All my life I've been a planner, an organizer, a look-to-the-future sort of gal. But I have recently learned that just when you think you have everything planned as well as you possibly could, life throws you a curve ball.
That's what happened during my second pregnancy. Not surprising to anyone who knows me, that pregnancy had been in the planning stages since my 4-year-old daughter was born. Then, at six weeks along, I suddenly had to have an ultrasound done -- an unplanned event and the perfect time for that curve ball to come swirling at me.
I heard the technician say, "Oh, my gosh," and knew what she was going to say next. I even beat her to the punch.
"Don't tell me that there are two in there."
All she had to do was smile, and I knew I was right. Two? What was I going to do with two babies when I had planned for only one?
Since both my mom and dad have fraternal twin siblings, I knew it could happen to me. But I always told myself that it wouldn't. I have many cousins, none of whom have twins. I had convinced myself that it was skipping a generation.
I was wrong.
A few months later, after the initial shock subsided, I knew it would be tough, but I was getting used to the idea of becoming the mother of twins and a kindergartner at the same time.
The planner in me already had figured out how we would survive financially. With that out of the way, I was even letting myself feel excited for their arrival.
My husband was excited the minute I told him the news. He is an identical twin and knows all about the special bond that twins share.
Then, at 16 weeks, what I thought was false labor turned out to be the real thing. I can't fully put into words how I felt when the doctor told me they needed to get me ready for the delivery. The contractions were painful enough, but they didn't come close to the ache in my heart.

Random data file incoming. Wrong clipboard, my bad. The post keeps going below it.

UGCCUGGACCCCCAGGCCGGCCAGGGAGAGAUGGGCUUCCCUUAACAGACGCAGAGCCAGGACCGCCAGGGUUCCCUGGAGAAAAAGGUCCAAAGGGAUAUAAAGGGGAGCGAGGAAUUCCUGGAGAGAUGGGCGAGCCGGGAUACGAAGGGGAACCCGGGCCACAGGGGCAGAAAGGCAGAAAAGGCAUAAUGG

Hours later, I was giving birth to two babies who were not yet ready to be born. After my previous anxiety of preparing myself for being a mom to two babies at once, I was suddenly faced with preparing myself for not being a mom to two babies at once.
Nothing can get you ready for something like this. Saying goodbye to my babies was the toughest thing I've ever had to do.
It is estimated that up to 50 percent of pregnancies will end in miscarriage. Many women have one so early on that they don't even know they are pregnant.
I was aware that this could happen to anyone. But I never actually thought that it would happen to me.
I was wrong -- again.
Just when I had everything under control, the unexpected happened. While I was pregnant, several people told me that God gives us only what we can handle. So now I can't help but wonder if God had second thoughts about my being able to handle having twins.
If I've been taught one lesson, it's this: You can't plan for everything when you're unaware of what the future holds. I didn't foresee getting pregnant with twins. I certainly didn't foresee losing them before I ever had them. But here I am.
I'm not ready to give up. If I'm blessed with the chance of getting pregnant again, I will prepare to do the best job I can.
That's my plan anyway.
Lynn M. Lombard of Akron, who has always been a planner, realizes there are some things we have no control over.